Presenter: Gerry Lieberman
Tuesday, October 6 2015 7:30-8:30pm EST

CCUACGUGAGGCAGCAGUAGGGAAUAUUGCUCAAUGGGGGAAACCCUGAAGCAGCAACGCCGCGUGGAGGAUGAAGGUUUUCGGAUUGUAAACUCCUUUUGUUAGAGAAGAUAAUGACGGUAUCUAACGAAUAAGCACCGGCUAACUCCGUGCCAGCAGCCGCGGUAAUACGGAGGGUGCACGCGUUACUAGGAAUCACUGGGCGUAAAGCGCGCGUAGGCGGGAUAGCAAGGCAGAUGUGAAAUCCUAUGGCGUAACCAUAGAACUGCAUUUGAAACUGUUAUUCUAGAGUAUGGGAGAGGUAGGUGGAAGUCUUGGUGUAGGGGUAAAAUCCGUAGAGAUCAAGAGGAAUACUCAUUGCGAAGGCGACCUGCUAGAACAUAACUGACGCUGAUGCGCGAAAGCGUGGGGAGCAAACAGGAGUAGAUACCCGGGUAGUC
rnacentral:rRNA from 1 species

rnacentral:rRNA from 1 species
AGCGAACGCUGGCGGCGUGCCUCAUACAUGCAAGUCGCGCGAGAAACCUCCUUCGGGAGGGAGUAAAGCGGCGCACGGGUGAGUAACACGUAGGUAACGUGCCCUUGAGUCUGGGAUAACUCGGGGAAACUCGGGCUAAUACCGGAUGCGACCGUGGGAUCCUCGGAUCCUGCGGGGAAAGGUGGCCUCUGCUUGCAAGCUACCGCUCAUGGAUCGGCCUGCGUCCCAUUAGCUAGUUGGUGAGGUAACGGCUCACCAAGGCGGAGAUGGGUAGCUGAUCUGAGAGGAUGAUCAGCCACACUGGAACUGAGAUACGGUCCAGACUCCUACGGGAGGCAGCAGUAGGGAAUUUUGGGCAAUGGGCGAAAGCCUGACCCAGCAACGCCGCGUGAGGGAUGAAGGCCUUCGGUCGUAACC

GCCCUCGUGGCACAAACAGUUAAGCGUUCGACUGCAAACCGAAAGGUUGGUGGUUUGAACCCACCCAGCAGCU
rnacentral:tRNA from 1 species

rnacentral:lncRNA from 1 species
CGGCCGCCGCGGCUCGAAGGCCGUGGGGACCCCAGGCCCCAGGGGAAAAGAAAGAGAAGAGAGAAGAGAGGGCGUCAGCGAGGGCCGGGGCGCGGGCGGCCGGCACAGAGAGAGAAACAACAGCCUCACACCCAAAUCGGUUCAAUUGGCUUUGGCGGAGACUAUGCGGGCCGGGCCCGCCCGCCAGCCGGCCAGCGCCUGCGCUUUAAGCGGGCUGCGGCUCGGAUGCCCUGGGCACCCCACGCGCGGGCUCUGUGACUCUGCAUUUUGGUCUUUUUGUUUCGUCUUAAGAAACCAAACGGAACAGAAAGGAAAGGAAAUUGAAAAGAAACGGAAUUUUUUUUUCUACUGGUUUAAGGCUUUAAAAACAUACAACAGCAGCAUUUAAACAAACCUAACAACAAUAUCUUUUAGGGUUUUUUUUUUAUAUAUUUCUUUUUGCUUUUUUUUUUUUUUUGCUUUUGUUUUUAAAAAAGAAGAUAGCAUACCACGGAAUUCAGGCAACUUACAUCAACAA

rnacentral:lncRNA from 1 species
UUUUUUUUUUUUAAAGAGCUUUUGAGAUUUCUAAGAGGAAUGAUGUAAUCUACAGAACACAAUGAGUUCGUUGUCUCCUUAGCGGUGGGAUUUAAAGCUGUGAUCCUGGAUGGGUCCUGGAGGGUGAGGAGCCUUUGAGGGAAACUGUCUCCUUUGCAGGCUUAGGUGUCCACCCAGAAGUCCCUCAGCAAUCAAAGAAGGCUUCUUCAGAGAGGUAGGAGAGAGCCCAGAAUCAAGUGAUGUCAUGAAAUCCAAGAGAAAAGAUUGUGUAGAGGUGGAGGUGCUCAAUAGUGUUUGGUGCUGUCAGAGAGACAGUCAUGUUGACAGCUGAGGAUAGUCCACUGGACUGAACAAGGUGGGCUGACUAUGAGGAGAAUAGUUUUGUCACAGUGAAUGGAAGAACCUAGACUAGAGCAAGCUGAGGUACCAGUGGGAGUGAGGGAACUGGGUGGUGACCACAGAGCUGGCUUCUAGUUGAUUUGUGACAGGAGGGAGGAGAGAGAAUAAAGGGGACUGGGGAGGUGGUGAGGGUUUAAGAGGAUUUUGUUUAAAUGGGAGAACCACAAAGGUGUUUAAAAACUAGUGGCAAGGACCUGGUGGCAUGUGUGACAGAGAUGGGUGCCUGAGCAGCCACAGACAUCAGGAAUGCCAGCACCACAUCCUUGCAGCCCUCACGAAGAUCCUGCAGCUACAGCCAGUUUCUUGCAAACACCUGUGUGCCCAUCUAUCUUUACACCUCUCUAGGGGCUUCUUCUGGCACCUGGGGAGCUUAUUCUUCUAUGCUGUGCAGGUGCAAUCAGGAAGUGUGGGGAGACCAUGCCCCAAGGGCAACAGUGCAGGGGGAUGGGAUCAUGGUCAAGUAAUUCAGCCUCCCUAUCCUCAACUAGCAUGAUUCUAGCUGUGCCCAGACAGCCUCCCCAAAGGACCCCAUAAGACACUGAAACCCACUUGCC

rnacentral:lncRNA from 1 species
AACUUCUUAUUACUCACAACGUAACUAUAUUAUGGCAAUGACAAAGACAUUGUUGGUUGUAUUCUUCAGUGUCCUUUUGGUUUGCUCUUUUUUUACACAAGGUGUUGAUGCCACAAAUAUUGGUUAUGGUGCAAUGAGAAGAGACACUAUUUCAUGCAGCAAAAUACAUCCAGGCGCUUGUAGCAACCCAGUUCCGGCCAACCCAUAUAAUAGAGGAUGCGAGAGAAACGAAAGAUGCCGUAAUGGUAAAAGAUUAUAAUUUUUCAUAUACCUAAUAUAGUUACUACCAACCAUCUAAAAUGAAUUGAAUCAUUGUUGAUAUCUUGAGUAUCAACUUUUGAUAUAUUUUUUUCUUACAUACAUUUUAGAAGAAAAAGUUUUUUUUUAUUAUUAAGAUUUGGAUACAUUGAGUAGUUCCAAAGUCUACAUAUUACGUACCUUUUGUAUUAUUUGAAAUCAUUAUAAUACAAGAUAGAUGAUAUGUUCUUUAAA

The Next Generation Science Standards (NGSS), are in early stages of implementation in 13 states. These new standards represent a golden opportunity to more effectively connect environment concepts and content into standards-based science education. The implementation represents a dramatically different approach to science education, breaking new ground by incorporating three-dimensional instructional strategies. This substantial change requires the deep integration of “Disciplinary Core Ideas,” “Crosscutting Concepts,” and “Science and Engineering Practices.” A completely new strategy, that no longer focuses on students reading about science or observing their teachers, rather “having students do science.” This webinar will focus on a discussion of effective strategies for integrating environmental content into the implementation of the NGSS. Dr. Lieberman has developed these strategies while contributing to the writing of California’s new “Science Framework”-the document that will guide classroom implementation and the development of new textbooks and other instructional materials. Gerald Lieberman is an internationally-recognized authority on school improvement using natural and community surroundings as interdisciplinary contexts for education. He led the development of the EIC Model™, and the development of California’s EEI Curriculum. In 1995 Dr. Lieberman founded and has since directed the State Education and Environment Roundtable, a cooperative endeavor of departments of education in 16 U.S. states. Dr. Lieberman is the principal author of Closing the Achievement Gap: Using the Environment as an Integrating Context for Learning, a ground-breaking, national study that received an award from the National Environmental Education and Training Foundation for “bringing environmental learning into the mainstream of American K-12 education.” He has designed and coordinated curriculum development programs in the United States, Costa Rica, Honduras, Colombia and Argentina. He lives in San Diego, California.